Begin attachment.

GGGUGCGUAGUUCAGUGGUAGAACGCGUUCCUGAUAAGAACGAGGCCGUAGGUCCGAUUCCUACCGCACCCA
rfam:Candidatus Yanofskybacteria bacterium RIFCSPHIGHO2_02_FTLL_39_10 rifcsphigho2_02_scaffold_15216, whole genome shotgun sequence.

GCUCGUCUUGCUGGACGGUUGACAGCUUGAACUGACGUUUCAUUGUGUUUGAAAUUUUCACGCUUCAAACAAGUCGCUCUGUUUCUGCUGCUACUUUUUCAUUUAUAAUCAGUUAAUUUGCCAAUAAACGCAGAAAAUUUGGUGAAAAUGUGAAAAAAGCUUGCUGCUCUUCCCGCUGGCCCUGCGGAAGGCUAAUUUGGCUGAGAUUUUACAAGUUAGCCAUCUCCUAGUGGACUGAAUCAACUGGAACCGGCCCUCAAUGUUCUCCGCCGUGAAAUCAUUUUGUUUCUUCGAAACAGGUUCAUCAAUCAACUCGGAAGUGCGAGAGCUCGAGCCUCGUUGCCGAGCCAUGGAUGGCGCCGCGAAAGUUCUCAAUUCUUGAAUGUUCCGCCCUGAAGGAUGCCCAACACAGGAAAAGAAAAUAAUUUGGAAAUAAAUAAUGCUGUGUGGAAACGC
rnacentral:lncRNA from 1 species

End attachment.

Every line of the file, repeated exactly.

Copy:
GGGUGCGUAGUUCAGUGGUAGAACGCGUUCCUGAUAAGAACGAGGCCGUAGGUCCGAUUCCUACCGCACCCA
rfam:Candidatus Yanofskybacteria bacterium RIFCSPHIGHO2_02_FTLL_39_10 rifcsphigho2_02_scaffold_15216, whole genome shotgun sequence.

GCUCGUCUUGCUGGACGGUUGACAGCUUGAACUGACGUUUCAUUGUGUUUGAAAUUUUCACGCUUCAAACAAGUCGCUCUGUUUCUGCUGCUACUUUUUCAUUUAUAAUCAGUUAAUUUGCCAAUAAACGCAGAAAAUUUGGUGAAAAUGUGAAAAAAGCUUGCUGCUCUUCCCGCUGGCCCUGCGGAAGGCUAAUUUGGCUGAGAUUUUACAAGUUAGCCAUCUCCUAGUGGACUGAAUCAACUGGAACCGGCCCUCAAUGUUCUCCGCCGUGAAAUCAUUUUGUUUCUUCGAAACAGGUUCAUCAAUCAACUCGGAAGUGCGAGAGCUCGAGCCUCGUUGCCGAGCCAUGGAUGGCGCCGCGAAAGUUCUCAAUUCUUGAAUGUUCCGCCCUGAAGGAUGCCCAACACAGGAAAAGAAAAUAAUUUGGAAAUAAAUAAUGCUGUGUGGAAACGC
rnacentral:lncRNA from 1 species